- Morgan Stanley is partnering with Box to launch a cloud-based encrypted document-sharing portal. More than 1 million clients will be able to store and share their wills, deeds, estate plans and financial statements with their financial advisers using the platform. About 95,000 companies, including General Electric, State Street and USAA, store documents with Box, but Morgan Stanley is one of the first to let clients share documents.
- The move comes as companies and clients alike seek to improve data security after a spate of high-profile breaches. In one of the most widespread cases, credit-rating company Equifax agreed to pay up to $700 million in connection with a 2017 leak that exposed the Social Security numbers and birth dates of nearly 150 million Americans, the Federal Trade Commission said Monday.
- Morgan Stanley's application for uploading documents sits in front of the Box platform. Box encrypts the documents at rest and in transfer, handles access permissions and has an audit trail that shows who has looked at what, American Banker reported.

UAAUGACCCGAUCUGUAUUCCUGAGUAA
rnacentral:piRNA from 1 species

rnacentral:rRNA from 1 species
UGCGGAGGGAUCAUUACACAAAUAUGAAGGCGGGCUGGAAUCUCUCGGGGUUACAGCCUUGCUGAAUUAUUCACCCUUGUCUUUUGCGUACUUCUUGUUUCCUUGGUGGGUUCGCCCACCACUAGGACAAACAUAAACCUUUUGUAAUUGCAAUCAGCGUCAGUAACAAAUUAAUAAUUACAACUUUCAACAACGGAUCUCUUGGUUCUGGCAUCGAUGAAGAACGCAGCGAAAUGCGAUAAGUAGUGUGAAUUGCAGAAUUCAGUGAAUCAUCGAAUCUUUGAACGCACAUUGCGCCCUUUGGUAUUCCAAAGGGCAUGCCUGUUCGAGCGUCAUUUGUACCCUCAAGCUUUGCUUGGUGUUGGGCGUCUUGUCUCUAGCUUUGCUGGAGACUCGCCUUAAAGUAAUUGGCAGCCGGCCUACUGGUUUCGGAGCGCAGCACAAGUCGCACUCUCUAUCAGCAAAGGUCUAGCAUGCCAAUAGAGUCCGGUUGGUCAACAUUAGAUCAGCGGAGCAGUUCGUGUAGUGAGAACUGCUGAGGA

"Protecting our clients' assets and personal information is our top concern, and this is our latest investment in safety and security at scale," Sal Cucchiara, Morgan Stanley's chief information officer for wealth management, said in a press release Monday.
The price of faulty data protection can be steep. Up to $425 million of Equifax's settlement is set to compensate consumers and provide credit monitoring for those whose data was compromised. Equifax is also paying $175 million to 48 states, the District of Columbia and Puerto Rico, and $100 million to the Consumer Financial Protection Bureau.
"By investing in a cloud content management platform like Box and leveraging other best-of-breed technology partners, we have been able to create a more secure, efficient and collaborative environment for conducting business," Naureen Hassan, chief digital officer at Morgan Stanley Wealth Management, said in an emailed statement to CIO Dive.